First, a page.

If you’re interested in selling your eCommerce website but are unsure of how to go about determining the actual value of your business, you’ve come to the right article. Whether you’re interested in selling a website you built from scratch, or want to sell your Amazon-based B2C brand, there are many different baseline factors that go into determining an appropriate website valuation number.
While it’s true that valuations can get quite technical, the basics are relatively easy to understand. In this blog, we aim to decipher the meaning behind some of the more abstract metrics when it comes to an eCommerce website valuation. We don’t get into the advanced math, or the statistics, etc., but we do cover the rudimentary metrics (along with tips for improving your own site’s value).
By the end of reading this article, you’ll have a firm understanding of how an eCommerce website is valued, what buyers really want, and how to increase the “curbside appeal” of your eCommerce business. We also cover what a lot of “how to sell eCommerce website” blogs fail to even mention (but more on that later).
eCommerce: The Rising Star of Retail
It’s no secret that eCommerce has always been (physical) retail’s little brother (or its ugly redheaded stepson – whichever you prefer). However, eCommerce is really coming into its own as of late, and most experts agree that the eCommerce sector will experience huge increases in growth, sales, and users throughout the following decade. So, how can your eCommerce business capitalize on this? How can you increase your site’s value? And finally – how can you actually get buyers interested in purchasing your business?
Valuations: Determining What Your Business Is Worth
There’s one main indicator that the majority of brokerages use during their initial valuations. What is this indicator, you might be wondering? If you guessed the “SDE” you’d be correct. SDE, which is short for seller’s discretionary earnings, is what nearly all reputable brokerage firms use to determine the initial value of an eCommerce website.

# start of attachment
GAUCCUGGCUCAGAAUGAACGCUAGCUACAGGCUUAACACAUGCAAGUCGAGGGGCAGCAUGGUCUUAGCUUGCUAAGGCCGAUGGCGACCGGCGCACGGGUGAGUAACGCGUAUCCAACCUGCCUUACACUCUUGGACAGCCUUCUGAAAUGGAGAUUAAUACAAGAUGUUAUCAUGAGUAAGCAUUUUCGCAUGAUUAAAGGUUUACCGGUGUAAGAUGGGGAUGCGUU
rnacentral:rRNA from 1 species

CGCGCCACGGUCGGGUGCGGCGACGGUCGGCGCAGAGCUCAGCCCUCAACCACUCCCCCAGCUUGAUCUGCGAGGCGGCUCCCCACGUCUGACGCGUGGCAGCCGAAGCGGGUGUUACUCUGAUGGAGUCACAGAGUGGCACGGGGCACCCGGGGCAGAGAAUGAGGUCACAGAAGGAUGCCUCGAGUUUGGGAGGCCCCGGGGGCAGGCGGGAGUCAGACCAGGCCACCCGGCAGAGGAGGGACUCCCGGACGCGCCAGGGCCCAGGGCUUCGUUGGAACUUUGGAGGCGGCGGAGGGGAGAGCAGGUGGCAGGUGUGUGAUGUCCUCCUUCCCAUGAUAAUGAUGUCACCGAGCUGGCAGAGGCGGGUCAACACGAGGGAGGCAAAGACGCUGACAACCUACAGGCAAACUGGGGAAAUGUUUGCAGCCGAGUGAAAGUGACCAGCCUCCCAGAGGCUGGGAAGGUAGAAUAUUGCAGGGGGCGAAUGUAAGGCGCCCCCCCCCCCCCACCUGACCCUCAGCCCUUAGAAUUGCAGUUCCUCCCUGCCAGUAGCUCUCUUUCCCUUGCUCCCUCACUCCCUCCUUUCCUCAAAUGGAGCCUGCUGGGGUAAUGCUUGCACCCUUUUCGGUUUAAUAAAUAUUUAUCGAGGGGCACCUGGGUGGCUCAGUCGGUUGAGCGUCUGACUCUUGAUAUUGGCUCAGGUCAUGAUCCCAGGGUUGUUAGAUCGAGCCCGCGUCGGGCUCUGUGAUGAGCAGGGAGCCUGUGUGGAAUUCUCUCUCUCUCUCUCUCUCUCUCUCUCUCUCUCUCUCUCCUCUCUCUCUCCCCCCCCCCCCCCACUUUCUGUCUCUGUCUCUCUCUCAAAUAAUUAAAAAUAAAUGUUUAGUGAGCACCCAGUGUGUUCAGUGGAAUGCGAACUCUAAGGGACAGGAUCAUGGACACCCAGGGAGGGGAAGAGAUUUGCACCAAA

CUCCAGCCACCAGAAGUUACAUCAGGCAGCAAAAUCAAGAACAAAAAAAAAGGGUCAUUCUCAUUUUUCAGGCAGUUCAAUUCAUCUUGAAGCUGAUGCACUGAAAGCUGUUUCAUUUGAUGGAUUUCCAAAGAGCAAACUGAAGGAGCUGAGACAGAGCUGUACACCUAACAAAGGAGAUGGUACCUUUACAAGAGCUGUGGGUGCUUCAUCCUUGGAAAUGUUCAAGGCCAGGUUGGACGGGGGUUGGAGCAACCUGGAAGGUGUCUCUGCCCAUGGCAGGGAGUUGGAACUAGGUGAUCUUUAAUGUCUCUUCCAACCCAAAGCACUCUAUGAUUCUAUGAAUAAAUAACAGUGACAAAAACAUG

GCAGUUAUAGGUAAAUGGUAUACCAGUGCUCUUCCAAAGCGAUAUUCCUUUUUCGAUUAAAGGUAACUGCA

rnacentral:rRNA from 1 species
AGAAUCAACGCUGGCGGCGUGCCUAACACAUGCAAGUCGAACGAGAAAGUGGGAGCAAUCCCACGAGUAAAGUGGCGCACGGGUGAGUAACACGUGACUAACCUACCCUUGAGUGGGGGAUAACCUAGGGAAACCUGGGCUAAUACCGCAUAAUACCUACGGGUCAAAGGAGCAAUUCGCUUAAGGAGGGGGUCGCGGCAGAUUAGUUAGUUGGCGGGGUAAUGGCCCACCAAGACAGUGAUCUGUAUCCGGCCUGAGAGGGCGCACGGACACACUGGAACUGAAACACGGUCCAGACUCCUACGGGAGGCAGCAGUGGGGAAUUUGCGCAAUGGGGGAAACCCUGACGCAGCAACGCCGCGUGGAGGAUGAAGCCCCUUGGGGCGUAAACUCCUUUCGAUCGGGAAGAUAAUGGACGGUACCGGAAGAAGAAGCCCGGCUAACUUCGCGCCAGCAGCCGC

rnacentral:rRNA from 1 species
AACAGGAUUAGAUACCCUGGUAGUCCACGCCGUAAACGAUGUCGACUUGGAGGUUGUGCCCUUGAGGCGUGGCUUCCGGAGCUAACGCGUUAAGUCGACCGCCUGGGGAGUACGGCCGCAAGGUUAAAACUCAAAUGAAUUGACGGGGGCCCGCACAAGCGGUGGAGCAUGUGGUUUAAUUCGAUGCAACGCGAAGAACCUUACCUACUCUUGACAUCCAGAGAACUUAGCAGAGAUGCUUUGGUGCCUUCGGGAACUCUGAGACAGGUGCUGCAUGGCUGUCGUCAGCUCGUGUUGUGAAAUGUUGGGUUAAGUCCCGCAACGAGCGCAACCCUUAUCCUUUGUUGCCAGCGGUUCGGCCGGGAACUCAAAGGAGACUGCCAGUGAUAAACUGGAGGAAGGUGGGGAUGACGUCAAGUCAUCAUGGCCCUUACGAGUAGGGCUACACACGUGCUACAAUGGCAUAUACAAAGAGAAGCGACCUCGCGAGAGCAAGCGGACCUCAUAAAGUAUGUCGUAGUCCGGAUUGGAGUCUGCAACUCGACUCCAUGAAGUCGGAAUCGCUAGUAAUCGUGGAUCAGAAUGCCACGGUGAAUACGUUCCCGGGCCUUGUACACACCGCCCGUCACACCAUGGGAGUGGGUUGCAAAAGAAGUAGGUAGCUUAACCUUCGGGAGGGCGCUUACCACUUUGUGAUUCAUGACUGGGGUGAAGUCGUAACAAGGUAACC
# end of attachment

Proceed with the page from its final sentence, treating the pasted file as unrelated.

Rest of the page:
While it might sound like something from a stock broker’s library, SDE is actually a pretty simple concept. You basically take the overall revenue from your business (i.e. gross revenue) and then subtract your business’s operating expenses and cost of goods sold from that number. What you’re left with is your business’s SDE.
However, SDE valuations are nearly always used for businesses that only do less than $10 million per year in revenue. For businesses that pull in more than that, another website valuation method is used – EBITDA.
EBITDA, which admittingly is quite a mouthful of an acronym, is the method that’s used for businesses doing over $10 million per year in revenue. This more complicated approach is necessary for larger eCommerce websites because of their inherently more complex business models. There are a lot of moving parts in businesses of this size, which is why a more detailed valuation formula needs to be used.
Key Indicators That Can Increase Your Business’s Value
The formulas in the previous section are really only used as a starting point. In reality, there are many different indicators that can be used to increase (or decrease) the value of an eCommerce business. Examples of these include the following:
- Age of business
- Business’s net trend for the past few years/months
- How much time investment is necessary for operations
- Variation of customer acquisition channels
- Established remarketing strategies (e.g. mailing lists)
- Traffic sources
- Specific niche
- How many products
- Supplier-vendor relationships
As you can see, there are many more factors that go into a proper valuation than a simple SDE or EBITDA formula. Most buyers want to make sure that the asset they plan on buying won’t depreciate a few weeks after their purchase. They want an investment that’s sustainable, and one that doesn’t require a lot of time (to get their money back).
If you’re wondering how to increase the strength of your business’s website valuation, you should look into bolstering any/all of the aforementioned factors. Diversify your business’s traffic sources, develop a strong email marketing strategy, reinforce your wholesale/vendor relationships, streamline your workflow and inventory processes. While it might not seem like much, improving your business through these channels can build confidence in future buyers.
Whether you’re in eCommerce B2B or B2C, and no matter what type of products or services you sell, the time has really never been better for selling your eCommerce business. Using the tips and information in this article should get you started down the right path of achieving eCommerce success (via selling your business).